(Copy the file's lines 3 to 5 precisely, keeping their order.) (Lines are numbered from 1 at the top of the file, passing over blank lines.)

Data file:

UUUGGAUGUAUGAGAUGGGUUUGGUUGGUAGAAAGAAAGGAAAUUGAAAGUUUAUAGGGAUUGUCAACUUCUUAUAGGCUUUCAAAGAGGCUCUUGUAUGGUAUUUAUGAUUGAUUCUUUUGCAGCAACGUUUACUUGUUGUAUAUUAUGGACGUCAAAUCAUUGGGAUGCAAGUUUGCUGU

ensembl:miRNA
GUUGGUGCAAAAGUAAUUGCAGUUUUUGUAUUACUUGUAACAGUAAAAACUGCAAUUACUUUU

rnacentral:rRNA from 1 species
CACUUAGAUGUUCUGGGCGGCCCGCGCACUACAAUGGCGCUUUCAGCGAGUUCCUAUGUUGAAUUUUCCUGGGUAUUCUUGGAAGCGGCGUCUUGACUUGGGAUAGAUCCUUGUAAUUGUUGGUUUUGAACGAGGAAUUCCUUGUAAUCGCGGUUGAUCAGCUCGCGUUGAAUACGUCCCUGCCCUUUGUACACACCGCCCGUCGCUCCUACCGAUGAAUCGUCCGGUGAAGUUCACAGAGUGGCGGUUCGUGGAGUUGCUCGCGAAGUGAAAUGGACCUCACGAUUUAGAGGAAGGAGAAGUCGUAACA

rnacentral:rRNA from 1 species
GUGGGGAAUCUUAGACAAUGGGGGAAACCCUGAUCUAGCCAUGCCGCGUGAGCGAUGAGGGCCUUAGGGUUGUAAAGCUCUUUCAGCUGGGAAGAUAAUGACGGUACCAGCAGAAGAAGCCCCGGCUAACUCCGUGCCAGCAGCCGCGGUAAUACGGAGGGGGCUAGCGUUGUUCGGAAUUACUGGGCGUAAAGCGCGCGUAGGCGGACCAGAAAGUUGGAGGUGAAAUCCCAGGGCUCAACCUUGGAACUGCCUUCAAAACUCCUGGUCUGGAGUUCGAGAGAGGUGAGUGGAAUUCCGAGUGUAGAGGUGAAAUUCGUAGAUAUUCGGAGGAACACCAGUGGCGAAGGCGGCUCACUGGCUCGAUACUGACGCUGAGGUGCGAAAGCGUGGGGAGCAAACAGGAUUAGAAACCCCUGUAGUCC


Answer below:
GUUGGUGCAAAAGUAAUUGCAGUUUUUGUAUUACUUGUAACAGUAAAAACUGCAAUUACUUUU

rnacentral:rRNA from 1 species
CACUUAGAUGUUCUGGGCGGCCCGCGCACUACAAUGGCGCUUUCAGCGAGUUCCUAUGUUGAAUUUUCCUGGGUAUUCUUGGAAGCGGCGUCUUGACUUGGGAUAGAUCCUUGUAAUUGUUGGUUUUGAACGAGGAAUUCCUUGUAAUCGCGGUUGAUCAGCUCGCGUUGAAUACGUCCCUGCCCUUUGUACACACCGCCCGUCGCUCCUACCGAUGAAUCGUCCGGUGAAGUUCACAGAGUGGCGGUUCGUGGAGUUGCUCGCGAAGUGAAAUGGACCUCACGAUUUAGAGGAAGGAGAAGUCGUAACA